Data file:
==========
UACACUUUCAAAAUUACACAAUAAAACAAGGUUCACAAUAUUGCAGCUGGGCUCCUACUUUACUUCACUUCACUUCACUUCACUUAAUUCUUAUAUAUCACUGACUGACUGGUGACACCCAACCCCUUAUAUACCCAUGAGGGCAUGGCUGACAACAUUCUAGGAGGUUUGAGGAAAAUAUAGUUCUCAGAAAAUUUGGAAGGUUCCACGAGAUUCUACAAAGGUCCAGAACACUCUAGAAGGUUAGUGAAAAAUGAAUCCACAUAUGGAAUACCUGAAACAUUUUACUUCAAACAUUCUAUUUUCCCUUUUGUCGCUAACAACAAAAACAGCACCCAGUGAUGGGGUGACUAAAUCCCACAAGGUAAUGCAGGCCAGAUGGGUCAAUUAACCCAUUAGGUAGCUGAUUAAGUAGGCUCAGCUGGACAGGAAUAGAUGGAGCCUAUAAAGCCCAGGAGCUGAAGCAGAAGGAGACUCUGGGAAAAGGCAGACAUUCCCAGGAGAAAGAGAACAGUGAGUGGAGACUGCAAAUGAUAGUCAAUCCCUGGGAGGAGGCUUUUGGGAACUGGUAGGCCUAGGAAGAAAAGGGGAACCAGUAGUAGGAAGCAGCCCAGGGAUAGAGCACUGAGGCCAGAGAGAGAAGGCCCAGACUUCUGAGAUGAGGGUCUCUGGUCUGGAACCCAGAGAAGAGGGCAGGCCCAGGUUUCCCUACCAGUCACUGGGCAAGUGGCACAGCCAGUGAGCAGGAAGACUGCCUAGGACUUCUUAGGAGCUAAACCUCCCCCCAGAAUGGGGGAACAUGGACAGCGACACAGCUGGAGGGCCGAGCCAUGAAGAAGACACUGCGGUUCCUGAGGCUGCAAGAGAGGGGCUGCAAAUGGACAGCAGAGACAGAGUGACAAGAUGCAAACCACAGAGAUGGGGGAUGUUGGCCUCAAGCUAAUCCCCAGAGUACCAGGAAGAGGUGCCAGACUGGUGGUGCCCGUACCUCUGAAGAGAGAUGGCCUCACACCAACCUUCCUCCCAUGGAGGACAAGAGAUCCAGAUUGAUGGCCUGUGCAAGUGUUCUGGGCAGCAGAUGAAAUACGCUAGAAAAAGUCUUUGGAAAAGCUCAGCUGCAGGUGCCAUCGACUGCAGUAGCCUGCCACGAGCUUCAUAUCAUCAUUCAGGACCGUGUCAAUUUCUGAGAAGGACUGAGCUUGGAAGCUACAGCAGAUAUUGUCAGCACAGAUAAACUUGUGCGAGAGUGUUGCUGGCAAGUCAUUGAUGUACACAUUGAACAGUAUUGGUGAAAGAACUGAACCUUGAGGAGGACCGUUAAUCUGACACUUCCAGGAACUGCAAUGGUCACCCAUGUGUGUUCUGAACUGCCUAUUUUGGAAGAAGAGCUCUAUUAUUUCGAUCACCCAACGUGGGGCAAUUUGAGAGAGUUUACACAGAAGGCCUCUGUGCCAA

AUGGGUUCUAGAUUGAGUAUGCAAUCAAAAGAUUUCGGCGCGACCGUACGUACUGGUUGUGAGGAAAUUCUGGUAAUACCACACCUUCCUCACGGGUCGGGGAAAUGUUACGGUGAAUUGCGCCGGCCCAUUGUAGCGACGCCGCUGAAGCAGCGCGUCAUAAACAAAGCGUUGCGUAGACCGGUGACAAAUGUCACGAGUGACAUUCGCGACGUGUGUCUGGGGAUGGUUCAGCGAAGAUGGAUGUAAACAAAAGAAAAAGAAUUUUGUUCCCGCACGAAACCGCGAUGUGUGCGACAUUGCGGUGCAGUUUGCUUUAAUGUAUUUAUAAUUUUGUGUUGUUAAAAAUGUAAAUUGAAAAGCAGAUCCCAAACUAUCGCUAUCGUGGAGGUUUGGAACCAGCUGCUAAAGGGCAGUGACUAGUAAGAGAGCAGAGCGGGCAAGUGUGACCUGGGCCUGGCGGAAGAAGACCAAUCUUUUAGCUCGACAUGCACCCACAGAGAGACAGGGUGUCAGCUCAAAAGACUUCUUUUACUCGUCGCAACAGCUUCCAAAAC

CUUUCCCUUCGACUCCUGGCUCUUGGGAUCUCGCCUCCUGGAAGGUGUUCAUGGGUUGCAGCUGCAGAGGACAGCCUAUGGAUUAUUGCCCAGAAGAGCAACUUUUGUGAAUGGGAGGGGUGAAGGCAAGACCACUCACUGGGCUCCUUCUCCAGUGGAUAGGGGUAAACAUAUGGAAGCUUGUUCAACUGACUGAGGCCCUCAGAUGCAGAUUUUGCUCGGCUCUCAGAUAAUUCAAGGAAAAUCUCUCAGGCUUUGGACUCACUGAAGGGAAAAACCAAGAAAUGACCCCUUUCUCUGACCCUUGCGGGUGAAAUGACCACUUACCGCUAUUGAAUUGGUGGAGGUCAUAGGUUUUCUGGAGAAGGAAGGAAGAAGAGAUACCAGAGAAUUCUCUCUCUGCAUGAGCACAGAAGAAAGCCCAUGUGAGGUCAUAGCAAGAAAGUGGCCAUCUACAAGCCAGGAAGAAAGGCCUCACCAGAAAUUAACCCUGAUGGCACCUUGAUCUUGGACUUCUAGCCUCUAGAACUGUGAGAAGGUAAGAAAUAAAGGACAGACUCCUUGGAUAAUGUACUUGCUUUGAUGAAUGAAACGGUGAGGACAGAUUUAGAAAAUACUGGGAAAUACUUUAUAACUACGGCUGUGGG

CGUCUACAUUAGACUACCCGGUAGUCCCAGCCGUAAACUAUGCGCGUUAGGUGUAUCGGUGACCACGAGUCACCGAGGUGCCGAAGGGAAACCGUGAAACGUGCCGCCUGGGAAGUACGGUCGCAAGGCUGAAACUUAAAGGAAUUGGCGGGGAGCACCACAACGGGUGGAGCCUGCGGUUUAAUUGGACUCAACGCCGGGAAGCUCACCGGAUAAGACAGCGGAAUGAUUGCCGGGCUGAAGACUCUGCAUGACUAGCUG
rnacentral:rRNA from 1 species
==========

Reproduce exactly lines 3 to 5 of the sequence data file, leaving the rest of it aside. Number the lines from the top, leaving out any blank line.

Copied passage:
CUUUCCCUUCGACUCCUGGCUCUUGGGAUCUCGCCUCCUGGAAGGUGUUCAUGGGUUGCAGCUGCAGAGGACAGCCUAUGGAUUAUUGCCCAGAAGAGCAACUUUUGUGAAUGGGAGGGGUGAAGGCAAGACCACUCACUGGGCUCCUUCUCCAGUGGAUAGGGGUAAACAUAUGGAAGCUUGUUCAACUGACUGAGGCCCUCAGAUGCAGAUUUUGCUCGGCUCUCAGAUAAUUCAAGGAAAAUCUCUCAGGCUUUGGACUCACUGAAGGGAAAAACCAAGAAAUGACCCCUUUCUCUGACCCUUGCGGGUGAAAUGACCACUUACCGCUAUUGAAUUGGUGGAGGUCAUAGGUUUUCUGGAGAAGGAAGGAAGAAGAGAUACCAGAGAAUUCUCUCUCUGCAUGAGCACAGAAGAAAGCCCAUGUGAGGUCAUAGCAAGAAAGUGGCCAUCUACAAGCCAGGAAGAAAGGCCUCACCAGAAAUUAACCCUGAUGGCACCUUGAUCUUGGACUUCUAGCCUCUAGAACUGUGAGAAGGUAAGAAAUAAAGGACAGACUCCUUGGAUAAUGUACUUGCUUUGAUGAAUGAAACGGUGAGGACAGAUUUAGAAAAUACUGGGAAAUACUUUAUAACUACGGCUGUGGG

CGUCUACAUUAGACUACCCGGUAGUCCCAGCCGUAAACUAUGCGCGUUAGGUGUAUCGGUGACCACGAGUCACCGAGGUGCCGAAGGGAAACCGUGAAACGUGCCGCCUGGGAAGUACGGUCGCAAGGCUGAAACUUAAAGGAAUUGGCGGGGAGCACCACAACGGGUGGAGCCUGCGGUUUAAUUGGACUCAACGCCGGGAAGCUCACCGGAUAAGACAGCGGAAUGAUUGCCGGGCUGAAGACUCUGCAUGACUAGCUG
rnacentral:rRNA from 1 species